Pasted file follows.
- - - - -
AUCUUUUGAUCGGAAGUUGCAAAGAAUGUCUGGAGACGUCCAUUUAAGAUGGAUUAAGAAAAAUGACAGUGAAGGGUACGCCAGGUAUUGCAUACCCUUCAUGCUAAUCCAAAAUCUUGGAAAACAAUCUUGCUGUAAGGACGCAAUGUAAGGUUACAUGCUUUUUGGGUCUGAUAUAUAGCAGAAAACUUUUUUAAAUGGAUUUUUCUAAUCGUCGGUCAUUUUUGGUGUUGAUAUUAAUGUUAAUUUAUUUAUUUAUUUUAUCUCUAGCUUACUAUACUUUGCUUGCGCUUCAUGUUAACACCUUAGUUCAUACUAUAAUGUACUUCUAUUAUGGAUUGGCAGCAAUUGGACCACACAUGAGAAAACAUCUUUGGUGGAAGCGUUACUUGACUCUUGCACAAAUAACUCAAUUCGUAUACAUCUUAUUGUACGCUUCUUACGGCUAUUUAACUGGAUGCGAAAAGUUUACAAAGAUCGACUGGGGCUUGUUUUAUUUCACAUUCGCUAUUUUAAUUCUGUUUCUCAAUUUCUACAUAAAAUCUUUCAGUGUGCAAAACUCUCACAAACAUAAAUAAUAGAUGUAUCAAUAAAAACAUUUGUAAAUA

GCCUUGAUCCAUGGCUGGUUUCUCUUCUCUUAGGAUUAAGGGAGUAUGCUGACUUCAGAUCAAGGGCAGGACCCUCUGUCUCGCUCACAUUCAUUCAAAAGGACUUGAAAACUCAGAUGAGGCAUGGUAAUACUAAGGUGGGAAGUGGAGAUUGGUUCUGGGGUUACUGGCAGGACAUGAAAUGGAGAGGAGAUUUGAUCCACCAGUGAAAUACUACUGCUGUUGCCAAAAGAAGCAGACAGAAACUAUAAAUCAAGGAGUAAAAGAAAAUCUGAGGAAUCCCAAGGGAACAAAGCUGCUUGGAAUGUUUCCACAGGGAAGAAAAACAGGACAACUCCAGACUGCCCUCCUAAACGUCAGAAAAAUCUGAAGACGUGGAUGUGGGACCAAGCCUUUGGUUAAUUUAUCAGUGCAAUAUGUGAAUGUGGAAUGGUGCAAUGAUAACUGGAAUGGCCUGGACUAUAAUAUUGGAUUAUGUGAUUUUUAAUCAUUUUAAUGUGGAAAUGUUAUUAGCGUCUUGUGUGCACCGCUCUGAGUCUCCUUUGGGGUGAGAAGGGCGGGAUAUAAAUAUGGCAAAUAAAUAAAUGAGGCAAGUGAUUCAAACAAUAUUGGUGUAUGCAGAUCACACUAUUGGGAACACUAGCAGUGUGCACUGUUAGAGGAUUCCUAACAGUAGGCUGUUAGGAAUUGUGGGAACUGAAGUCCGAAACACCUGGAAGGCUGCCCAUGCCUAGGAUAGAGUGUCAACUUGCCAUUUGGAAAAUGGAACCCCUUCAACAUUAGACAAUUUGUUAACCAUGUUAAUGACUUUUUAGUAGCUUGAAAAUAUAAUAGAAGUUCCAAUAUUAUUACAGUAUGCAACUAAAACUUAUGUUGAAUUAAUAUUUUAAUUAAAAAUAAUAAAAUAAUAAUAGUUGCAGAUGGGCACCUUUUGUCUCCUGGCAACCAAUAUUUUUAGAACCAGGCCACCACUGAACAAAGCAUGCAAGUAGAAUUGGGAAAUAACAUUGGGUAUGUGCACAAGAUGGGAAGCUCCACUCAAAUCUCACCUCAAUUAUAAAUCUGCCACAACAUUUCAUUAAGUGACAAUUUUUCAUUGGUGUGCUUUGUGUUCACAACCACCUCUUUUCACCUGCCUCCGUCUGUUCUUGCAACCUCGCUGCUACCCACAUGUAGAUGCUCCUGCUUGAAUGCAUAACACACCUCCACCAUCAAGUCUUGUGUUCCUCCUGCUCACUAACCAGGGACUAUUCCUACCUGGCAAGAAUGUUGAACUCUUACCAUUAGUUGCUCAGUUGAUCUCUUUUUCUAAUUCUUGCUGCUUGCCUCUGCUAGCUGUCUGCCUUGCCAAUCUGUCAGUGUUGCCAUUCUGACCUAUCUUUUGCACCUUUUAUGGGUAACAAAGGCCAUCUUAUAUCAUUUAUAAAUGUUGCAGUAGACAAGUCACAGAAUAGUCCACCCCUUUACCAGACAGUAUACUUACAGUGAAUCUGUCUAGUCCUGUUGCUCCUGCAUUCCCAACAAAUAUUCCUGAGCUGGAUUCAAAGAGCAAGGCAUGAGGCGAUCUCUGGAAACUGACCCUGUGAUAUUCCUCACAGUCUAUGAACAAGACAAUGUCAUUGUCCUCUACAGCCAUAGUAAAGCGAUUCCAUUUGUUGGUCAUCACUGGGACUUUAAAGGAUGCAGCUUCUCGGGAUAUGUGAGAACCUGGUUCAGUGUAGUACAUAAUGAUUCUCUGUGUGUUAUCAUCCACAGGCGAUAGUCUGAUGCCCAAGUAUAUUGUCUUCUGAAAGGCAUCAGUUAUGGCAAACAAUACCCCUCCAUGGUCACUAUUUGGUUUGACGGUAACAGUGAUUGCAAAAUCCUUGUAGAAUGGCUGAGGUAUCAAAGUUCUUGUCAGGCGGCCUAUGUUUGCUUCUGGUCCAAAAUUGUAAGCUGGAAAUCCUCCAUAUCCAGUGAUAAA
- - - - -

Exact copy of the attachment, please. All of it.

AUCUUUUGAUCGGAAGUUGCAAAGAAUGUCUGGAGACGUCCAUUUAAGAUGGAUUAAGAAAAAUGACAGUGAAGGGUACGCCAGGUAUUGCAUACCCUUCAUGCUAAUCCAAAAUCUUGGAAAACAAUCUUGCUGUAAGGACGCAAUGUAAGGUUACAUGCUUUUUGGGUCUGAUAUAUAGCAGAAAACUUUUUUAAAUGGAUUUUUCUAAUCGUCGGUCAUUUUUGGUGUUGAUAUUAAUGUUAAUUUAUUUAUUUAUUUUAUCUCUAGCUUACUAUACUUUGCUUGCGCUUCAUGUUAACACCUUAGUUCAUACUAUAAUGUACUUCUAUUAUGGAUUGGCAGCAAUUGGACCACACAUGAGAAAACAUCUUUGGUGGAAGCGUUACUUGACUCUUGCACAAAUAACUCAAUUCGUAUACAUCUUAUUGUACGCUUCUUACGGCUAUUUAACUGGAUGCGAAAAGUUUACAAAGAUCGACUGGGGCUUGUUUUAUUUCACAUUCGCUAUUUUAAUUCUGUUUCUCAAUUUCUACAUAAAAUCUUUCAGUGUGCAAAACUCUCACAAACAUAAAUAAUAGAUGUAUCAAUAAAAACAUUUGUAAAUA

GCCUUGAUCCAUGGCUGGUUUCUCUUCUCUUAGGAUUAAGGGAGUAUGCUGACUUCAGAUCAAGGGCAGGACCCUCUGUCUCGCUCACAUUCAUUCAAAAGGACUUGAAAACUCAGAUGAGGCAUGGUAAUACUAAGGUGGGAAGUGGAGAUUGGUUCUGGGGUUACUGGCAGGACAUGAAAUGGAGAGGAGAUUUGAUCCACCAGUGAAAUACUACUGCUGUUGCCAAAAGAAGCAGACAGAAACUAUAAAUCAAGGAGUAAAAGAAAAUCUGAGGAAUCCCAAGGGAACAAAGCUGCUUGGAAUGUUUCCACAGGGAAGAAAAACAGGACAACUCCAGACUGCCCUCCUAAACGUCAGAAAAAUCUGAAGACGUGGAUGUGGGACCAAGCCUUUGGUUAAUUUAUCAGUGCAAUAUGUGAAUGUGGAAUGGUGCAAUGAUAACUGGAAUGGCCUGGACUAUAAUAUUGGAUUAUGUGAUUUUUAAUCAUUUUAAUGUGGAAAUGUUAUUAGCGUCUUGUGUGCACCGCUCUGAGUCUCCUUUGGGGUGAGAAGGGCGGGAUAUAAAUAUGGCAAAUAAAUAAAUGAGGCAAGUGAUUCAAACAAUAUUGGUGUAUGCAGAUCACACUAUUGGGAACACUAGCAGUGUGCACUGUUAGAGGAUUCCUAACAGUAGGCUGUUAGGAAUUGUGGGAACUGAAGUCCGAAACACCUGGAAGGCUGCCCAUGCCUAGGAUAGAGUGUCAACUUGCCAUUUGGAAAAUGGAACCCCUUCAACAUUAGACAAUUUGUUAACCAUGUUAAUGACUUUUUAGUAGCUUGAAAAUAUAAUAGAAGUUCCAAUAUUAUUACAGUAUGCAACUAAAACUUAUGUUGAAUUAAUAUUUUAAUUAAAAAUAAUAAAAUAAUAAUAGUUGCAGAUGGGCACCUUUUGUCUCCUGGCAACCAAUAUUUUUAGAACCAGGCCACCACUGAACAAAGCAUGCAAGUAGAAUUGGGAAAUAACAUUGGGUAUGUGCACAAGAUGGGAAGCUCCACUCAAAUCUCACCUCAAUUAUAAAUCUGCCACAACAUUUCAUUAAGUGACAAUUUUUCAUUGGUGUGCUUUGUGUUCACAACCACCUCUUUUCACCUGCCUCCGUCUGUUCUUGCAACCUCGCUGCUACCCACAUGUAGAUGCUCCUGCUUGAAUGCAUAACACACCUCCACCAUCAAGUCUUGUGUUCCUCCUGCUCACUAACCAGGGACUAUUCCUACCUGGCAAGAAUGUUGAACUCUUACCAUUAGUUGCUCAGUUGAUCUCUUUUUCUAAUUCUUGCUGCUUGCCUCUGCUAGCUGUCUGCCUUGCCAAUCUGUCAGUGUUGCCAUUCUGACCUAUCUUUUGCACCUUUUAUGGGUAACAAAGGCCAUCUUAUAUCAUUUAUAAAUGUUGCAGUAGACAAGUCACAGAAUAGUCCACCCCUUUACCAGACAGUAUACUUACAGUGAAUCUGUCUAGUCCUGUUGCUCCUGCAUUCCCAACAAAUAUUCCUGAGCUGGAUUCAAAGAGCAAGGCAUGAGGCGAUCUCUGGAAACUGACCCUGUGAUAUUCCUCACAGUCUAUGAACAAGACAAUGUCAUUGUCCUCUACAGCCAUAGUAAAGCGAUUCCAUUUGUUGGUCAUCACUGGGACUUUAAAGGAUGCAGCUUCUCGGGAUAUGUGAGAACCUGGUUCAGUGUAGUACAUAAUGAUUCUCUGUGUGUUAUCAUCCACAGGCGAUAGUCUGAUGCCCAAGUAUAUUGUCUUCUGAAAGGCAUCAGUUAUGGCAAACAAUACCCCUCCAUGGUCACUAUUUGGUUUGACGGUAACAGUGAUUGCAAAAUCCUUGUAGAAUGGCUGAGGUAUCAAAGUUCUUGUCAGGCGGCCUAUGUUUGCUUCUGGUCCAAAAUUGUAAGCUGGAAAUCCUCCAUAUCCAGUGAUAAA